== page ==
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The Episcopal Church in the Diocese of Oregon is incorporated under the laws of the State of Oregon under the name and title of “The Diocese of Oregon.” The Board of Trustees makes up the trustees of the corporation. The board of trustees is comprised of the bishop, the chancellor, the secretary, three clergy and three lay persons elected by the convention.
The trustees act within bounds set by the Bishop, the Convention, and the Standing Committee to steward the funds and property entrusted to the diocese. The Finance Committee of the Diocese, appointed by the Board of Trustees, conducts ongoing review of all financial transactions in the diocese.
The Commission on Ministry serves as counsel to the Bishop and works at times with the Standing Committee of the Diocese which has certain canonical responsibilities regarding ordination. This commission is comprised of two committees: the Committee on Ordained Ministry Development and the Committee for Baptismal Ministry. A member of each committee serves as a liaison to the other and the whole Commission meets together from time to time. The COM is made up of lay and ordained members elected at Diocesan Convention.
(COM-O) assists the Bishop in regards to those seeking ordained ministry. This committee assists congregations in the development of discernment resources and provides further discernment for a person once a call has been discerned at the congregational level.
When a call has been discerned at the diocesan level by the COM and the Bishop, the committee offers support and advice to those in the ordination process, interviews those in formation at various points in their process and makes recommendations to the Bishop. The Ordination Manual describes the steps and guidelines for those seeking ordination in detail.
At Baptism, Christians are given the gift and calling to Christian service. Discernment of particular baptismal ministries is a dynamic, life-long process. The Commission on Ministry – Committee for Baptismal Ministry (COM-B) develops discernment tools and pathways for all members of the Church discerning participation and leadership
The bishop appoints COM members annually subject to confirmation by the diocesan convention.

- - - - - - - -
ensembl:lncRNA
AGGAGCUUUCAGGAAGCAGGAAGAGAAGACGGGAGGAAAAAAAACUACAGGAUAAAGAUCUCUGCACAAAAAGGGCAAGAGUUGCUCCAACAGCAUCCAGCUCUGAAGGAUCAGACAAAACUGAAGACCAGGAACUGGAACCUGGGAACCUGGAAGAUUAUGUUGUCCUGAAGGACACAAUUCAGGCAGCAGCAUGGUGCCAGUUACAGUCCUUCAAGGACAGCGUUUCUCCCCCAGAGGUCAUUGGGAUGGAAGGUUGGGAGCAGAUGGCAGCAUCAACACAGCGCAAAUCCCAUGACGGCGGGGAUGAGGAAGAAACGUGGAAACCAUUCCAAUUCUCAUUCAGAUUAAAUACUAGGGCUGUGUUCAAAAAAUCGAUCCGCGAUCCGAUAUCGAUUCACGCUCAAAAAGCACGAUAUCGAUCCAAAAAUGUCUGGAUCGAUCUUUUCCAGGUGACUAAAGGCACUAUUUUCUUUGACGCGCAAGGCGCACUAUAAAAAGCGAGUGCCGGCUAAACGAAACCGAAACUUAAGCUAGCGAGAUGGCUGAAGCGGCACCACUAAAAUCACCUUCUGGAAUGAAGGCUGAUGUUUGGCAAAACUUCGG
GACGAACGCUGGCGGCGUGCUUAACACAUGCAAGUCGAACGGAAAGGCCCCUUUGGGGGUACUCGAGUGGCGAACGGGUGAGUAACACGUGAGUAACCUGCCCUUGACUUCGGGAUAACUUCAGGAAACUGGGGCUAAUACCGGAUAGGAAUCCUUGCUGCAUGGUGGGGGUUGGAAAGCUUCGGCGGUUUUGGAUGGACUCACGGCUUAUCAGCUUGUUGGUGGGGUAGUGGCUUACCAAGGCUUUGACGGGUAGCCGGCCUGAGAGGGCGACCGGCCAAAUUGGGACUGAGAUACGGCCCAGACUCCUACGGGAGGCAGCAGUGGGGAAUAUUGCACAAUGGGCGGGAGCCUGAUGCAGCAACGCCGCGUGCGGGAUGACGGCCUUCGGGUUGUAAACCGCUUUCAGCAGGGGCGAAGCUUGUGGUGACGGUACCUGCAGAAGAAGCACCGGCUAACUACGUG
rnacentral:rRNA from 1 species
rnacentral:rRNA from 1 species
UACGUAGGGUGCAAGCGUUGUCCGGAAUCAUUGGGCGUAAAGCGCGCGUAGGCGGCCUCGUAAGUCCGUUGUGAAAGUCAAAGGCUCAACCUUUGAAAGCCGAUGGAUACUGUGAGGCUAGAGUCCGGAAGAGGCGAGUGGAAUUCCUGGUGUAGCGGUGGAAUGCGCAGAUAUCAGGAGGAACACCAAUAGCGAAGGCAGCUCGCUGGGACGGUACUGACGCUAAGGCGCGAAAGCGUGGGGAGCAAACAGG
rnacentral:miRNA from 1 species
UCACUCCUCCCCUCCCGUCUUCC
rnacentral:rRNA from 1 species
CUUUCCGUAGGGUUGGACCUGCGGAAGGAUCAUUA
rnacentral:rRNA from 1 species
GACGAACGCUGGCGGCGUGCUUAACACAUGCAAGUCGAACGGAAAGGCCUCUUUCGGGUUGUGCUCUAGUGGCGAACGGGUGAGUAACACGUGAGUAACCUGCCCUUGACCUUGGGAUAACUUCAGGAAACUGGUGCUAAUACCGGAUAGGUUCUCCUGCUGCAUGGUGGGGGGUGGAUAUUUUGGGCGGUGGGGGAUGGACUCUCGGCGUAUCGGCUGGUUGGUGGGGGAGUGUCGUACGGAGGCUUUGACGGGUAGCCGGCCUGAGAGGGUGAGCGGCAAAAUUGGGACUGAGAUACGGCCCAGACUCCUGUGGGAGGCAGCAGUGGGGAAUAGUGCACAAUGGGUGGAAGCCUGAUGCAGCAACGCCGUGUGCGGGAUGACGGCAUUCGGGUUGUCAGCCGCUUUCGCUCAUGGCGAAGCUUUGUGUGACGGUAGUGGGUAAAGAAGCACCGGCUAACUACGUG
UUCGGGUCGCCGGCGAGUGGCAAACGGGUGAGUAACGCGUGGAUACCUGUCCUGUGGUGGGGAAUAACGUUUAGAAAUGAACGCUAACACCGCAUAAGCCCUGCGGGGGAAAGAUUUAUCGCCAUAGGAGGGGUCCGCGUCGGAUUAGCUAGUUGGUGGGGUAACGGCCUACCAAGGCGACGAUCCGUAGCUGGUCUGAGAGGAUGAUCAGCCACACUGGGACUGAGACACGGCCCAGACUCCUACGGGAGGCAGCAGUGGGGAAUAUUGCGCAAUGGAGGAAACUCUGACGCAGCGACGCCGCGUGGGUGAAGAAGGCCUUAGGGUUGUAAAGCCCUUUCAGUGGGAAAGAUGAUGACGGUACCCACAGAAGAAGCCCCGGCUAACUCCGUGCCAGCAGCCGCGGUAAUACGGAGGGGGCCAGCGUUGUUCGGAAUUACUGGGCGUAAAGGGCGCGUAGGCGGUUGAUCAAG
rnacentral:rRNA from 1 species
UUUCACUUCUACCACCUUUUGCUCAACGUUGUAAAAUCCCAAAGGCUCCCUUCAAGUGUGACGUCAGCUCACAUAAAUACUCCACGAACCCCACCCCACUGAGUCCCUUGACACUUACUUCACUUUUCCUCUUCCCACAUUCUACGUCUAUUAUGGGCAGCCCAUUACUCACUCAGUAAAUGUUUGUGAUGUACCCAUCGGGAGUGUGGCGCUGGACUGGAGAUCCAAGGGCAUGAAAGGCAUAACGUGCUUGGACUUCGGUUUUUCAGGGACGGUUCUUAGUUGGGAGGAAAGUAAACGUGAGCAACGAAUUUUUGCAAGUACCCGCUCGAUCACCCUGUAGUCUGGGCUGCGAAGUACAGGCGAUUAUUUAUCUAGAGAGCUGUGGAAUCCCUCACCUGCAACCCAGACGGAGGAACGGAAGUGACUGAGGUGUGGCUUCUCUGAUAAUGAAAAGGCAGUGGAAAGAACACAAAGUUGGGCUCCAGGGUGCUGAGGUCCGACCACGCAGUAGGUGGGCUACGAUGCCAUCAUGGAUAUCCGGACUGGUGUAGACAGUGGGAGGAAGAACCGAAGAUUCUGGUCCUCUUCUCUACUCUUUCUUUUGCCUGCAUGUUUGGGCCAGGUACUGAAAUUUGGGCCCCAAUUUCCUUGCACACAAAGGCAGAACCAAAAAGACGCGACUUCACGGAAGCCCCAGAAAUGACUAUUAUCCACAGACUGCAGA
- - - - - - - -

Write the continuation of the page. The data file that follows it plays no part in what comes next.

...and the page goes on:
The Diocesan Council is the body of lay and clergy members of the Diocese elected by the annual Diocesan Convention and authorized by the Canons of the Diocese to “administer the “missionary, educational, and social service work of the Church” in the Diocese of Oregon. The Bishop presides at the meetings. Diocesan Council oversees the creation of a budget each year to carry out this work, and has authority to create and prescribe the duties of program ministries and committees in support of the mission of the Church in the Diocese.
Membership of Council is comprised of the Bishop, the Secretary, lay and clergy representatives elected by all Convocations of the Diocese, and lay and clergy members elected by Convention.
The Standing Committee is the body of lay and clergy members of the Diocese elected by the annual Diocesan Convention and authorized by the Canons of the Episcopal Church as the Bishop’s Council of Advice. If there is no Diocesan or Suffragan or Coadjutor Bishop canonically authorized to act, the Standing Committee becomes the Ecclesiastical Authority of the Diocese for all purposes declared by General Convention.
The Standing Committee advises the Bishop and gives consent in matters of the disposition of property, ecclesiastical discipline, the election and consecration of Bishops, and in the matter of candidates for ordained ministry. The election of members and the terms and conditions of their office are defined by the Canons of the Diocese of Oregon.
The Diocese of Oregon is divided into seven geographical areas called Convocations. Each Convocation is made up of specific congregations, and each has a Dean (clergy person) and a President (lay person). The Convocation Deans are appointed annually by the Bishop at the annual Diocesan Convention. The Presidents are elected by each Convocation.
The idea of Convocations is a time-honored one that harkens back to traditional Anglican structure, where members of a “deanery” were a Bishop’s liaison, regional representative and pastoral minister.